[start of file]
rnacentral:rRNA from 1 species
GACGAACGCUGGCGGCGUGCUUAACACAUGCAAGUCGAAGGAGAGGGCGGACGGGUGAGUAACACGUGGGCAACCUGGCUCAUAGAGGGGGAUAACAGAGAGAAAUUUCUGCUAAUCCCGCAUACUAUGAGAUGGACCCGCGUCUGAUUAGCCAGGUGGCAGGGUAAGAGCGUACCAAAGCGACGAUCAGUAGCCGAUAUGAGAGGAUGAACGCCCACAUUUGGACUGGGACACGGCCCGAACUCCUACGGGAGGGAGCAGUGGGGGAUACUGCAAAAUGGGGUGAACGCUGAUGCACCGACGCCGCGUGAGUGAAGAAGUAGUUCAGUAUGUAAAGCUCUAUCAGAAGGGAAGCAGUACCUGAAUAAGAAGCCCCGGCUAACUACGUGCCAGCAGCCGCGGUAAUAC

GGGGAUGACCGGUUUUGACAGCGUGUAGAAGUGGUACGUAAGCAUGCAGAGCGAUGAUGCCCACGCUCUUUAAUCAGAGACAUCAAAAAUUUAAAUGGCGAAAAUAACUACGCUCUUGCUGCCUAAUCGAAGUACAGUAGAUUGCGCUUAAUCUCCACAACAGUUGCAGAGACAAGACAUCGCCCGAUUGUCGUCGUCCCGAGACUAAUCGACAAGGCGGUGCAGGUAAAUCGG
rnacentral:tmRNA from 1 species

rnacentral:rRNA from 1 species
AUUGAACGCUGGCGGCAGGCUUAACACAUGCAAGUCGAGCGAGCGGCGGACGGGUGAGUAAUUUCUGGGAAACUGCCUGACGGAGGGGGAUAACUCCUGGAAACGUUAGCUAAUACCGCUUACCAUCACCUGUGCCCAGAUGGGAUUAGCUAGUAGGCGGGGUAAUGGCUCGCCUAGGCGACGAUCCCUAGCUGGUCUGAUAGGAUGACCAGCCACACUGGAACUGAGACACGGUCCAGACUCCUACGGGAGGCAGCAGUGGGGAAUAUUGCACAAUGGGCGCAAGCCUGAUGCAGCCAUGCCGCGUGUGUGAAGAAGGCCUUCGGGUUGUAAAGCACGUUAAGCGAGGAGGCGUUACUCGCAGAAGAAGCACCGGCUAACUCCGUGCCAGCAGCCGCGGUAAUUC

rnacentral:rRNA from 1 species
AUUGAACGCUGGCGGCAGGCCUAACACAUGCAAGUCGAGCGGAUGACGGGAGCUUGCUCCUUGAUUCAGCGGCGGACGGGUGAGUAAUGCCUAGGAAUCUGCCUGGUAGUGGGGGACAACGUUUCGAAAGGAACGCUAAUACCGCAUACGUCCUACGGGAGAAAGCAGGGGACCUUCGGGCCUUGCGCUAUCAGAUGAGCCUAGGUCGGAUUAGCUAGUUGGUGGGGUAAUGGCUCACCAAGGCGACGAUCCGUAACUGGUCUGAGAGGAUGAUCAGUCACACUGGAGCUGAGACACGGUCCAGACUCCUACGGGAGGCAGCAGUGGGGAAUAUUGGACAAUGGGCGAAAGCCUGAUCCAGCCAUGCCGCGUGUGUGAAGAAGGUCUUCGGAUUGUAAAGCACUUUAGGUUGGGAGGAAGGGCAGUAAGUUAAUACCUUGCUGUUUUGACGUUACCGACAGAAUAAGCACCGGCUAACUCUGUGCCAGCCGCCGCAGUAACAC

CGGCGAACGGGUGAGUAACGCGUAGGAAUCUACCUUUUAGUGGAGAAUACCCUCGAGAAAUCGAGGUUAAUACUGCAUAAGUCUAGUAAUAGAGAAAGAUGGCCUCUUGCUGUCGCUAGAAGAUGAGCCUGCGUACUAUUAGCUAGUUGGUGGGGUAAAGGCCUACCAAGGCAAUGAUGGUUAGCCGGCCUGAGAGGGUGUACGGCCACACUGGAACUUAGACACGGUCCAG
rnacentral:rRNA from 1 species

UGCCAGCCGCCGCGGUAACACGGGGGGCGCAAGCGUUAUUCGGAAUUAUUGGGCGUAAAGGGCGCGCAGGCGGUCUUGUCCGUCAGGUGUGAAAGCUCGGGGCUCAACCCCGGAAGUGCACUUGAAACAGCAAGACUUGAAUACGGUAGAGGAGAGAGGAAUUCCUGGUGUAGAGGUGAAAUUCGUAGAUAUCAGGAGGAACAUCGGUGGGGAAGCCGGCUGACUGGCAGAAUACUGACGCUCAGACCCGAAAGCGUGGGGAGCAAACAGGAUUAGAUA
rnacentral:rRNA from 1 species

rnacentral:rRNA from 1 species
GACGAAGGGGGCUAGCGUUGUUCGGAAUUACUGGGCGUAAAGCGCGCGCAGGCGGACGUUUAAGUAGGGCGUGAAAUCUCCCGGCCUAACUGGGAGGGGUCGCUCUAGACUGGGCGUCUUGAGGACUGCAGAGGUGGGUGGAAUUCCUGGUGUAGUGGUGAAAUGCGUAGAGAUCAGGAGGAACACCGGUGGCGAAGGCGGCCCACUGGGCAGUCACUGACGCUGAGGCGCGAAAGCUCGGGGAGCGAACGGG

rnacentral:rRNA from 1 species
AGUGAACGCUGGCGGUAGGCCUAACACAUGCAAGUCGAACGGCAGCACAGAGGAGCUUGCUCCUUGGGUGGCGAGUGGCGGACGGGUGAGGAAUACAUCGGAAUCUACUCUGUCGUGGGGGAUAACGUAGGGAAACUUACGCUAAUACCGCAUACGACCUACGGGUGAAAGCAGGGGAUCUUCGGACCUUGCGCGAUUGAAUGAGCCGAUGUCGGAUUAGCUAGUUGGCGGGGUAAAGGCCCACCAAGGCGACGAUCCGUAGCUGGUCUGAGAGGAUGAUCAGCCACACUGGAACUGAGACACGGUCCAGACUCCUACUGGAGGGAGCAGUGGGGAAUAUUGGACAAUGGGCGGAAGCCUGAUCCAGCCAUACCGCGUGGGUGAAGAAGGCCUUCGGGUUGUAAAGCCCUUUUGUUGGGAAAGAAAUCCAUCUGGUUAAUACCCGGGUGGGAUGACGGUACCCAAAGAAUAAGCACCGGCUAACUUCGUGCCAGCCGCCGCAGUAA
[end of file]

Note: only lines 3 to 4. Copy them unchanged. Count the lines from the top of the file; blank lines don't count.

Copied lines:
GGGGAUGACCGGUUUUGACAGCGUGUAGAAGUGGUACGUAAGCAUGCAGAGCGAUGAUGCCCACGCUCUUUAAUCAGAGACAUCAAAAAUUUAAAUGGCGAAAAUAACUACGCUCUUGCUGCCUAAUCGAAGUACAGUAGAUUGCGCUUAAUCUCCACAACAGUUGCAGAGACAAGACAUCGCCCGAUUGUCGUCGUCCCGAGACUAAUCGACAAGGCGGUGCAGGUAAAUCGG
rnacentral:tmRNA from 1 species